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Whoops!

From the New York Times:

Mr. Obama's campaign itinerary on Friday underscored his strategy in South Carolina: trying to elevate his appeal to white voters — women, in particular — even as he seeks to increase his support to black voters who state Democratic officials believe will comprise up to 60 percent of the primary electorate on Saturday.
Except the original, still revealed via a google search, was:
Democrats Make Targeted Appeals to S.C. Voters - New York Times
... to increase his support to black voters who state Democratic officials believe will compromise up to 60 percent of the primary electorate on Saturday. ...
www.nytimes.com/2008/01/25/us/politics/25cnd-campaign.html?ref=politics - 1 hour ago - Similar pages
Uh-oh. (And yes, I'm sure I've done plenty of that myself, too; and people probably found it funny at the time.) Thanks to reader Paul Daly for the pointer.

Iymon:
Huh? Am I missing something here? The Google-cache excerpt is verbatim part of the sentence written above.
1.25.2008 6:26pm
Iymon:
Ah, "compromise", never mind.
1.25.2008 6:27pm
Thoughtful (mail):
It's still not right. Shouldn't it be "support from black voters" not "support TO black voters"?
1.25.2008 6:36pm
FantasiaWHT:
Yeah, I thought the "from" thing was the mistake at first, too.

Still, that does certainly quell those who claim voter fraud isn't real.
1.25.2008 6:37pm
EIDE_Interface (mail):
I love the racial politics of America. Not.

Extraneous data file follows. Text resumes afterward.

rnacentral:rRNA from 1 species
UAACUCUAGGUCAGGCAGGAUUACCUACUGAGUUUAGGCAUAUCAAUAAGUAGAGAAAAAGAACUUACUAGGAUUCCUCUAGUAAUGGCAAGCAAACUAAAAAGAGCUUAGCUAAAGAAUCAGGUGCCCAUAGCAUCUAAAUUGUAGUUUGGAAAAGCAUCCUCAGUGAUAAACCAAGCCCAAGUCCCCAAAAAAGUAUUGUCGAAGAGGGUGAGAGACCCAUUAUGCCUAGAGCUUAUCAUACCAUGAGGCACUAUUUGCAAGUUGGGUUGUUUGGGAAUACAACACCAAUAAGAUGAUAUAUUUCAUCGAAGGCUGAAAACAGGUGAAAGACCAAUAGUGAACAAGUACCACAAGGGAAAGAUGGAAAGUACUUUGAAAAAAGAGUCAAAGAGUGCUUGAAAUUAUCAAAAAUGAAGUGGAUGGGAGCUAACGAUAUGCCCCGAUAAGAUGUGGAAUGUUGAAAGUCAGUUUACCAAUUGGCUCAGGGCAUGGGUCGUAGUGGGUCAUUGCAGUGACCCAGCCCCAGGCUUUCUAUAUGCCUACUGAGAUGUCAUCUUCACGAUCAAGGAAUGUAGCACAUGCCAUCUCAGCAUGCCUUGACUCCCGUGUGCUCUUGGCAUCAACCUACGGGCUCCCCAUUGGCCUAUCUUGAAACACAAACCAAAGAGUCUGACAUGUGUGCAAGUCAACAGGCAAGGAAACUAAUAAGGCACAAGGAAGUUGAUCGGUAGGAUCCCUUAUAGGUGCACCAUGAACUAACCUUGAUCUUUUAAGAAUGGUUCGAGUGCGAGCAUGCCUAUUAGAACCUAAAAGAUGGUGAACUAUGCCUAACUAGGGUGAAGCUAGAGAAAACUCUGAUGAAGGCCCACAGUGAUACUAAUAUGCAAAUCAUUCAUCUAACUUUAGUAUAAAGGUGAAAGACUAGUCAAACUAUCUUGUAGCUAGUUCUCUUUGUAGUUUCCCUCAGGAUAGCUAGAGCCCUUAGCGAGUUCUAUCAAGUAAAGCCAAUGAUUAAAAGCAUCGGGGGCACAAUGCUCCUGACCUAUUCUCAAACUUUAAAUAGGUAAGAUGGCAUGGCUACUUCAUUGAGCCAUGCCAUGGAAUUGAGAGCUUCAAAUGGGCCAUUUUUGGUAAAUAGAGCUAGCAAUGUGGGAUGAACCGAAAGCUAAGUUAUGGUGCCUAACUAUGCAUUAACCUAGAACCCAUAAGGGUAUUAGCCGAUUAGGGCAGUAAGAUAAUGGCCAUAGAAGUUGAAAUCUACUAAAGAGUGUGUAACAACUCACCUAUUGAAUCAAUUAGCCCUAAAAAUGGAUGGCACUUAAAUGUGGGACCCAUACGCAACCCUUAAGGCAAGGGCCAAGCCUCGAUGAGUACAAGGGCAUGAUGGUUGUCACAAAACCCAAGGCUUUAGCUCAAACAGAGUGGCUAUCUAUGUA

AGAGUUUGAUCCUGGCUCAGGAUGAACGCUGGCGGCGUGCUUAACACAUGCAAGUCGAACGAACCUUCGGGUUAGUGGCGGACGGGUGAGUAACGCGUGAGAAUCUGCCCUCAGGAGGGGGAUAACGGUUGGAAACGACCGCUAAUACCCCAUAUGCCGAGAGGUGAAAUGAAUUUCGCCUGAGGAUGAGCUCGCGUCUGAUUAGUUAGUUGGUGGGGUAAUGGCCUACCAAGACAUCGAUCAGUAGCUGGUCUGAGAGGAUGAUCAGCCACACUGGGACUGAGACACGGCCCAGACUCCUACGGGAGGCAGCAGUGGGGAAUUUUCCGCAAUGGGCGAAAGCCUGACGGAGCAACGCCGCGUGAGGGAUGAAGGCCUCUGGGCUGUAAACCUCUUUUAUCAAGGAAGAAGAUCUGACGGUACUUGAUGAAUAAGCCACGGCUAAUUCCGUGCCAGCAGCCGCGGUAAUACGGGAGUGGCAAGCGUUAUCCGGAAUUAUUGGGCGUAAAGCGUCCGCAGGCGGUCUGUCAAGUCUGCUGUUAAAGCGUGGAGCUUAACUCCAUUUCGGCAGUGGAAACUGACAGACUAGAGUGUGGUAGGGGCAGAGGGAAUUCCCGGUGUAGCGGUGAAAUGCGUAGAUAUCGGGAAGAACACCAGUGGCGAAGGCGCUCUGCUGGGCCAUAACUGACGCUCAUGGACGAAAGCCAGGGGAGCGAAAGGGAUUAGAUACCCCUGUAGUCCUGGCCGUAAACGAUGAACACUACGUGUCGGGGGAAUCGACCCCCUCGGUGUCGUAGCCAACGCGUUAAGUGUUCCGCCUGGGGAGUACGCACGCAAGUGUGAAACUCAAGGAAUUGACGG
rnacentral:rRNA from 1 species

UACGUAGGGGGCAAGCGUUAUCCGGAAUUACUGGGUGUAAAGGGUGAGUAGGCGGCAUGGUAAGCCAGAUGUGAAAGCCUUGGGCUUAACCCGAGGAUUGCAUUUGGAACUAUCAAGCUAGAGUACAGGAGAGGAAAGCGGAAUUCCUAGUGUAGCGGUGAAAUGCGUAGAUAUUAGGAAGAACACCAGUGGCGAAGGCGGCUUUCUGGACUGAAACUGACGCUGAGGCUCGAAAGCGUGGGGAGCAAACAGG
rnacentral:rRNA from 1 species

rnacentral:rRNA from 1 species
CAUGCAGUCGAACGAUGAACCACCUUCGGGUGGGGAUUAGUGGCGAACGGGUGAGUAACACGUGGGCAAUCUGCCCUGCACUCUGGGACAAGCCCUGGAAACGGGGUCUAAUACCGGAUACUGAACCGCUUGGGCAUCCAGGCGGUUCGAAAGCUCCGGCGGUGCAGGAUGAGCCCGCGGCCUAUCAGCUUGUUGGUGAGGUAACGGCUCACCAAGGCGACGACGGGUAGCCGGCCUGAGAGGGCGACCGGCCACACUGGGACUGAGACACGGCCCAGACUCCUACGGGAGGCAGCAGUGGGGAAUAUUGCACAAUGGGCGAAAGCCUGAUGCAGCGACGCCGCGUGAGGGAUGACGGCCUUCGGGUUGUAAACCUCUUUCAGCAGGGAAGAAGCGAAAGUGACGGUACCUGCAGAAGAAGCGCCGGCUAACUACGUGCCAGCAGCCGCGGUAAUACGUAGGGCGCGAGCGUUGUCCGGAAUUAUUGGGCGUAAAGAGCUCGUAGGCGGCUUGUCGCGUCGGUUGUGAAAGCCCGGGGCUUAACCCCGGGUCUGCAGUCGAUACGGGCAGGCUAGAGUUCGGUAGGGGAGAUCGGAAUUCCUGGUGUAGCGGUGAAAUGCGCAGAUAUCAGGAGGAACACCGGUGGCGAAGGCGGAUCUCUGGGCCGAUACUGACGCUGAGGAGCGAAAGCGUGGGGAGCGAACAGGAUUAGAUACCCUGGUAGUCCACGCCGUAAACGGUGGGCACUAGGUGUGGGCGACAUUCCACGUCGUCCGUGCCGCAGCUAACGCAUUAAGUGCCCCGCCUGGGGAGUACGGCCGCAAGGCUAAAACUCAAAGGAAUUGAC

1.25.2008 6:41pm
tvk:
Eugene, when pointing out these funny typos, please highlight the typo in some way. I had to read the quote three times before I found the typo, and I don't think I am alone.
1.25.2008 6:41pm
Eugene Volokh (www):
tvk: I thought about doing that, but then thought it would be more fun not to highlight the typo, especially given that readers know there is one, and would find it eventually. Was I mistaken?
1.25.2008 6:49pm
Lior:
Shouldn't "State" be capitalized? At first I thought the black voters were making a statement.
1.25.2008 6:52pm
Pedant (mail):
"Comprise" is still wrong - or at least, it should not IMO be preferred. It should be "compose" or "constitute". The whole comprises the parts; the parts compose the whole. Now before Eugene dismisses me as yet another dreary language dogmatist - we all know the type - let me hasten to add my reasoning, which is more than "My third-grade teacher told me so." I think it's fair to call a usage wrong when (a) there's another perfectly serviceable word (compose) available, and there's reason for thinking the new usage is just a mistaken high-falutin' rendering of the old one because of the similarity of the words, and (b) the new usage means precisely the converse of the old usage, and yet the old usage is still indisputably a correct one. Given that you can say "will compose up to 60 percent" with everyone understanding and nobody complaining, why would it ever be preferable to say "will comprise up to 60 percent"? "Comprise" to my ear doesn't sound particular better; you don't save on syllables, and you even have to add a letter. This will not convince anyone who believes that the sole standard should be usage, but I can't think of any other standard under which "comprise" in its new sense passes muster.
1.25.2008 7:01pm
Q the Enchanter (mail) (www):
I think I agree some kind of emphasis would be a good idea. As long as it doesn't comprise compromise your goals in posting.
1.25.2008 7:11pm
Bender (mail):
Why not just throw in a few "[sic]"s. A very polite and acceptable way of saying "gotcha" and pointing out how at the same time.
1.25.2008 7:30pm
Eugene Volokh (www):
Pedant: I don't like "comprise," either, and much prefer "make up." But it's hard for me to say that it's a "wrong" "new usage" when it's attested back over 200 years. Here's the relevant OED entry:

To constitute, make up, compose.